If you are detained in the United States as a suspected illegal or unlawful immigrant, your right to access the United States legal system and due process is incredibly important. Through a series of hearings and the right to legal counsel, an undocumented or illegal immigrant has an opportunity to show a claim for asylum or other reason to remain in the United States.
However, the United States courts have made a series of recent decisions that are incrementally restricting the ability of judges to have independence in deportation hearings. These decisions are backed by statements from the United States Attorney General, and together reflect a consistent and serious shift in restricting deportation hearings across the United States.
In today’s post, we are taking a look at two decisions in the past 30 days alone that could impact the deportation hearings of your family, friends, and loved ones right here in California.
Changing the Standard for Postponing Cases
All judges have some latitude to postpone a case, hearing, or appearance. The ability to reschedule a case isn’t tied to deportation hearings, and judges of all types and courts can decide deferment is required or fair. For example, in a criminal case, a judge may issue a continuance because new evidence was uncovered or a surprise witness was brought to the prosecutor’s attention. This postponement is legally called “issuing a continuance.”
A recent ruling substantially reduces the discretion of immigration judges to issue a continuance in deportation hearings and other immigration cases. Instead, immigration judges are asked to employ a multifactor-balancing test that can consider only specific factors and grant relief only when the test is met. This removes a great deal of judicial independence, in particular when the circumstances of the case don’t meet the strict definition of good cause under this new case.
So, how does this ruling impact people appearing for deportation hearings and other immigration cases? It could limit your options on hearing dates, reasons for continuation, and the ability of your immigration lawyer to make a creative argument for postponement. It also means your immigration judge will have far fewer equitable reasons to grant a continuation, even when you lawyer makes an outstanding argument.
Limiting the Reasons for Terminating a Case
As your California immigration lawyer will tell you, the reasons for an immigration judge to terminate or dismiss a case are already few and far between. In today’s political and social climate, you need a strong argument to have a judge terminate your case. The same goes for dismissal of deportation hearings. And a recent case and statement by the Attorney General will limit these options even further.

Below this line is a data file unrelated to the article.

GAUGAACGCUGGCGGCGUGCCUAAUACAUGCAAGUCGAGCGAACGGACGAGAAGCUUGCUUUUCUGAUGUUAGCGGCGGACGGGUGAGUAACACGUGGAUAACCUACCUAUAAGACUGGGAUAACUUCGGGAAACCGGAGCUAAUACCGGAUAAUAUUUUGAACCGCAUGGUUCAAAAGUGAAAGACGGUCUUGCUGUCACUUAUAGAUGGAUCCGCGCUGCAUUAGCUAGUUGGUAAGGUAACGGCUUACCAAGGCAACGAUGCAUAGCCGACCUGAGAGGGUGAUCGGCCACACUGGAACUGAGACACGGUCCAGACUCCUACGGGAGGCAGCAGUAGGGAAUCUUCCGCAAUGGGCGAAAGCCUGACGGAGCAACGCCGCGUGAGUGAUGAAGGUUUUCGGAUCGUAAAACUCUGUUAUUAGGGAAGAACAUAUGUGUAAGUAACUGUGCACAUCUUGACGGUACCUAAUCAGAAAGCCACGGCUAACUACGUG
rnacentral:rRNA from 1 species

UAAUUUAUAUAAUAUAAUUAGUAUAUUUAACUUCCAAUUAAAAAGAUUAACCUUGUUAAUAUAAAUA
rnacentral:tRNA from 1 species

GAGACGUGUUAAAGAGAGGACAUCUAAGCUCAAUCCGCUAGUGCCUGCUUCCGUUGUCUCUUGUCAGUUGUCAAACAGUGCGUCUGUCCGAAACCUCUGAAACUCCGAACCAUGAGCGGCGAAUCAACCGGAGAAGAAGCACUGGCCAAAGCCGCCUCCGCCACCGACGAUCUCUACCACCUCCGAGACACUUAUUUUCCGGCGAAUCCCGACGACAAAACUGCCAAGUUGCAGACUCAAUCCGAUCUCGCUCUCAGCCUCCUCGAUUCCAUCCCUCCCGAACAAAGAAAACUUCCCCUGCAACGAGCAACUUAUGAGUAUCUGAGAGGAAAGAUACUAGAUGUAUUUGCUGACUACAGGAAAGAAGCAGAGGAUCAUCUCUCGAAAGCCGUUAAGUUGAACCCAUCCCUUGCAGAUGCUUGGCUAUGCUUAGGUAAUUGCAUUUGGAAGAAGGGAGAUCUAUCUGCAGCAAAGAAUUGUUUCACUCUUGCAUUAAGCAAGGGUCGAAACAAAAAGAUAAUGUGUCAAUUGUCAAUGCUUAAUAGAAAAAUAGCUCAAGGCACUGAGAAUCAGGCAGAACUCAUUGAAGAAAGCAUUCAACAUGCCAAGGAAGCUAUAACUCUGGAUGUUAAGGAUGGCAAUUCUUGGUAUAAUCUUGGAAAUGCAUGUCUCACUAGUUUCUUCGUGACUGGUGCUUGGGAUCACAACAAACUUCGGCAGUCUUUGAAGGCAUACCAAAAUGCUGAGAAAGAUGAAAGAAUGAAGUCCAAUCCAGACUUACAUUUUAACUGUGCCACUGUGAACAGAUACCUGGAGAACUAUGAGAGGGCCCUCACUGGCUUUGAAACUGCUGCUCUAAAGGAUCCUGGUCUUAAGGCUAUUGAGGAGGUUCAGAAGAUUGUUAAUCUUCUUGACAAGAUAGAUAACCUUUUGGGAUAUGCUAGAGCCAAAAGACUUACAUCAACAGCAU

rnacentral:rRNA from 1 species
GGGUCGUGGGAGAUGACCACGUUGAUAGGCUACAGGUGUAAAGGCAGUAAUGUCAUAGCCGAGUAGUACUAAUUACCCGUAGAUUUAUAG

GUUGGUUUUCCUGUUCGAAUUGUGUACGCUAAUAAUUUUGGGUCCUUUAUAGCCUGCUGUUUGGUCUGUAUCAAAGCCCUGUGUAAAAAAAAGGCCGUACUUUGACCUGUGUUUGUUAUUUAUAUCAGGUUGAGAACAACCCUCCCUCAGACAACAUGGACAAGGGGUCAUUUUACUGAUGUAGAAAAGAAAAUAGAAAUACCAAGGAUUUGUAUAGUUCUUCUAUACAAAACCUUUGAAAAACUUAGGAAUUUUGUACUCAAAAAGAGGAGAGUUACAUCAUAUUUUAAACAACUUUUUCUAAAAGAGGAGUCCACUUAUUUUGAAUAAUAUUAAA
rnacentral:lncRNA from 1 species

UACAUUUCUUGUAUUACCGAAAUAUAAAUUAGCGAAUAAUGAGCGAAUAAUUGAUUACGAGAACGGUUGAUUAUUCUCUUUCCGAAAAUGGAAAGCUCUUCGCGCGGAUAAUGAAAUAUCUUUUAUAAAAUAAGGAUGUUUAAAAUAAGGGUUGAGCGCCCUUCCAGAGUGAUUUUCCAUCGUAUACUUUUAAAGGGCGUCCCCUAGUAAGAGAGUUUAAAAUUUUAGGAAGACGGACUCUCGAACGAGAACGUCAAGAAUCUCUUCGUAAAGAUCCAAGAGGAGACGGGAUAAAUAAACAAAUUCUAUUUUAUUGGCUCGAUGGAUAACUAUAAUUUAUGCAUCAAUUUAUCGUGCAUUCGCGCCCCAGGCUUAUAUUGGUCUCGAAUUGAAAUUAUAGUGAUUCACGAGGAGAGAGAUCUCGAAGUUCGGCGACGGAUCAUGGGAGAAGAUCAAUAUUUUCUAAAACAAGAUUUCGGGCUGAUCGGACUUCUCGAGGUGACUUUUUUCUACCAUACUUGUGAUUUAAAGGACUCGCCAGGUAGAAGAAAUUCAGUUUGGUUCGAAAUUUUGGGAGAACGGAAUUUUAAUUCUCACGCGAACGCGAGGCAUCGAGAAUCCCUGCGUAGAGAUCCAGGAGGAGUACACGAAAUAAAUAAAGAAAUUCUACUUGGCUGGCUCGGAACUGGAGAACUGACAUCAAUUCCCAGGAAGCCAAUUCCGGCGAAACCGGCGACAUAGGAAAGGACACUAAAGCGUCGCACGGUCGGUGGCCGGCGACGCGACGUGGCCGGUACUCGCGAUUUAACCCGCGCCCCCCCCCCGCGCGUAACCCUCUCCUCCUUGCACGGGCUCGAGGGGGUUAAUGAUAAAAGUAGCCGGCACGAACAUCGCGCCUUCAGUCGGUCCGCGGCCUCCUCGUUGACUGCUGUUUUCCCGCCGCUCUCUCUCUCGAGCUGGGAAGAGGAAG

In mid-September, AG Jeff Sessions released a statement that specified the reasoning for terminating or dismissing an immigration case is limited to those reasons set out in the regulations and by the Department of Homeland Security. The statement from the Attorney General effectively curtails judicial independent on terminating or dismissing deportation hearings to a small and shrinking number of reasons.
The practical effect of formally and narrowly restricting the reasons for terminating a case is that it gives defendant far fewer opportunities to order their lives, postpone for specific medical reasons, or allow a California immigration lawyer to make arguments for termination based on personal or unique reasons to terminate a case. Instead, terminating or dismissing a case becomes a routine and streamlined process, in an area of law that should account for individualized considerations or concerns.
Take Your Case to an Immigration Lawyer
The underlying implication of these changes to the process and procedure of immigration cases is that it is harder to fight an immigration case and requires more skill and knowledge of the law to win these fights. Immigrants and others involved in immigration courts are finding it more and more difficult to navigate successfully through the system and have their story heard.
When it comes to deportation hearings, defendants are facing some of the toughest procedural requirements, and the assistance of a California immigration lawyer could be invaluable. To speak with a lawyer regarding your case or the case of a loved one, contact Greco Neyland in LA. You can call our office directly at (213) 295-3500.
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